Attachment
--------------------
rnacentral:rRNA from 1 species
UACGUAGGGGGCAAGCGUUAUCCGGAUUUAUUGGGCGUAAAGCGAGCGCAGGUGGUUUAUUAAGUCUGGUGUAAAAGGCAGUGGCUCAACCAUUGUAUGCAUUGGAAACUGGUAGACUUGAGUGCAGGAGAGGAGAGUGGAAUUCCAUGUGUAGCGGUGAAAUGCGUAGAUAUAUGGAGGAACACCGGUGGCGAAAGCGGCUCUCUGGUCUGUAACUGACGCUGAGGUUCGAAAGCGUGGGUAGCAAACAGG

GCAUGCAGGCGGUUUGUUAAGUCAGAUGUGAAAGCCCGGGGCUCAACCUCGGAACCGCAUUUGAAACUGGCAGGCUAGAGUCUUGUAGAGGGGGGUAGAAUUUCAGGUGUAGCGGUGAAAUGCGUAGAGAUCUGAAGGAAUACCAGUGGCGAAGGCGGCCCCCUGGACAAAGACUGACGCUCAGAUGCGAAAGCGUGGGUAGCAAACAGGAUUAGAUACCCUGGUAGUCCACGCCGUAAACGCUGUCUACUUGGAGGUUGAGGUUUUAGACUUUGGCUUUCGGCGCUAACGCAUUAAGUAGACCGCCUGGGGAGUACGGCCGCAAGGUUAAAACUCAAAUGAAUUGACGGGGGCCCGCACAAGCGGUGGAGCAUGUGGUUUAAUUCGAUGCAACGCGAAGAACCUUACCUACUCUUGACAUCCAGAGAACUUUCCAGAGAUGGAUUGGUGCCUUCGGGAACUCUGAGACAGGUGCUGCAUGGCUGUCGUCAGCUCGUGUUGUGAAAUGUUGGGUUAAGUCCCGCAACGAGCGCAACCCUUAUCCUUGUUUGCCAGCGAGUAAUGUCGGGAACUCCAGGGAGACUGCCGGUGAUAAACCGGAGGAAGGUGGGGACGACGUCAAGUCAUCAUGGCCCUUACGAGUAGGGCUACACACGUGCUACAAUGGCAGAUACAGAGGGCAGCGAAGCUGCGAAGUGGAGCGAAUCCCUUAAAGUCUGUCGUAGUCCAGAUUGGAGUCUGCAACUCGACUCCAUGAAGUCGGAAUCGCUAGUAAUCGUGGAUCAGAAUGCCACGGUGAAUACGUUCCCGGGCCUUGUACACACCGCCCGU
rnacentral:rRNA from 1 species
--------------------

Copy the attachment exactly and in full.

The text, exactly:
rnacentral:rRNA from 1 species
UACGUAGGGGGCAAGCGUUAUCCGGAUUUAUUGGGCGUAAAGCGAGCGCAGGUGGUUUAUUAAGUCUGGUGUAAAAGGCAGUGGCUCAACCAUUGUAUGCAUUGGAAACUGGUAGACUUGAGUGCAGGAGAGGAGAGUGGAAUUCCAUGUGUAGCGGUGAAAUGCGUAGAUAUAUGGAGGAACACCGGUGGCGAAAGCGGCUCUCUGGUCUGUAACUGACGCUGAGGUUCGAAAGCGUGGGUAGCAAACAGG

GCAUGCAGGCGGUUUGUUAAGUCAGAUGUGAAAGCCCGGGGCUCAACCUCGGAACCGCAUUUGAAACUGGCAGGCUAGAGUCUUGUAGAGGGGGGUAGAAUUUCAGGUGUAGCGGUGAAAUGCGUAGAGAUCUGAAGGAAUACCAGUGGCGAAGGCGGCCCCCUGGACAAAGACUGACGCUCAGAUGCGAAAGCGUGGGUAGCAAACAGGAUUAGAUACCCUGGUAGUCCACGCCGUAAACGCUGUCUACUUGGAGGUUGAGGUUUUAGACUUUGGCUUUCGGCGCUAACGCAUUAAGUAGACCGCCUGGGGAGUACGGCCGCAAGGUUAAAACUCAAAUGAAUUGACGGGGGCCCGCACAAGCGGUGGAGCAUGUGGUUUAAUUCGAUGCAACGCGAAGAACCUUACCUACUCUUGACAUCCAGAGAACUUUCCAGAGAUGGAUUGGUGCCUUCGGGAACUCUGAGACAGGUGCUGCAUGGCUGUCGUCAGCUCGUGUUGUGAAAUGUUGGGUUAAGUCCCGCAACGAGCGCAACCCUUAUCCUUGUUUGCCAGCGAGUAAUGUCGGGAACUCCAGGGAGACUGCCGGUGAUAAACCGGAGGAAGGUGGGGACGACGUCAAGUCAUCAUGGCCCUUACGAGUAGGGCUACACACGUGCUACAAUGGCAGAUACAGAGGGCAGCGAAGCUGCGAAGUGGAGCGAAUCCCUUAAAGUCUGUCGUAGUCCAGAUUGGAGUCUGCAACUCGACUCCAUGAAGUCGGAAUCGCUAGUAAUCGUGGAUCAGAAUGCCACGGUGAAUACGUUCCCGGGCCUUGUACACACCGCCCGU
rnacentral:rRNA from 1 species